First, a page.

In the Egyptian Book Of The Dead, the scarab amulet symbolises the heart. The Book depicts the rites of reckoning through which each new entrant to the afterlife must pass, and contains spells and formulae designed to ensure success on the journey. Once the deceased has gained initial entry to the Hall of Maat, the antechamber of the afterlife, their virtue is tested in the Weighing of the Heart, in which the heart (or rather the vessel containing it, sometimes symbolised by the scarab) is placed on the scales and weighed against shut, the Feather of Maat. A virtuous heart will not outweigh the feather, and will enable the deceased to continue the journey. But if the heart fails the test, the fearsome Ammut (part crocodile, part lion, part hippopotamus) will devour it:

Notice that it is our old friend  Anubis, the Guardian of the Shoreline, who leads the deceased into the Hall and then conducts the Weighing. Another deity of great interest, the ibis-headed scribe Thoth, records the result. Notice also the baleful presence of Ammut, hungrily awaiting the outcome of the Weighing (see here for an expanded version of this image and much more on Egyptian concepts and practices relating to death and the afterlife).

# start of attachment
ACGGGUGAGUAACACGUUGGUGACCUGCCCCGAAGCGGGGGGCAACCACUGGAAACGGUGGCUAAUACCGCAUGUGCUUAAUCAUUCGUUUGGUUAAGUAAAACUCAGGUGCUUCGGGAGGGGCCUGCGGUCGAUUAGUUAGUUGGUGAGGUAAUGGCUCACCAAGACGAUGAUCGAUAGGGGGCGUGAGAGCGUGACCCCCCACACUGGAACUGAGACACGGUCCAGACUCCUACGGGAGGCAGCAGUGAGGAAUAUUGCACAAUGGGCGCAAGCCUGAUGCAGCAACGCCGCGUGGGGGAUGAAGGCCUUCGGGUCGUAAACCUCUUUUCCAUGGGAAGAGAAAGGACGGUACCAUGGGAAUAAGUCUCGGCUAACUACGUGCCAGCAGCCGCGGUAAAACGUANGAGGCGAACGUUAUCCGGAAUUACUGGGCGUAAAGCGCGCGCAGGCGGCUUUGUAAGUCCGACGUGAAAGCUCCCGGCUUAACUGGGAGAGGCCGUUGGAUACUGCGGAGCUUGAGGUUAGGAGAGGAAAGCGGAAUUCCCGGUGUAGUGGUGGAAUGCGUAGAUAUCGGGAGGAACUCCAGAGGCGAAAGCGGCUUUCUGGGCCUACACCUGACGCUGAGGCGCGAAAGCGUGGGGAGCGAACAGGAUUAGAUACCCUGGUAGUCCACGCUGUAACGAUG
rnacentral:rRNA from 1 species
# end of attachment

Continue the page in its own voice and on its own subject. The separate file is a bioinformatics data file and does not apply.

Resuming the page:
For me, the most intriguing symbolism in all this is that a ball of excrement was held to be representative of, and analogous to, the Sun. This parallels the alchemical ideal of the transmutation of ‘base matter’ (and what matter could be more ‘base’ than dung?) into the fabled Philosopher’s Stone.  In literalistic interpretations of alchemy, this implies the conversion of lead, or other ‘base’ metals, into pure gold. In esoteric alchemy, however, the prima materia of the alchemical process is the consciousness (for the purposes of this post, I prefer this word to ‘spirit’ or ‘soul’ or similar) of the alchemist, and the goal is to attain a transformation: what might be called ‘rebirth’ or ‘enlightenment’, depending on tradition, or if not that, then at least a measure of self-actualisation (Jung’s concept of individuation).

The link between alchemical transmutation and the solar symbolism of the scarab is little remarked on. It is many years since I read it, but I think Jung discusses it in Psychology And Alchemy. Finding the stone above is my cue to now revisit that magisterial book.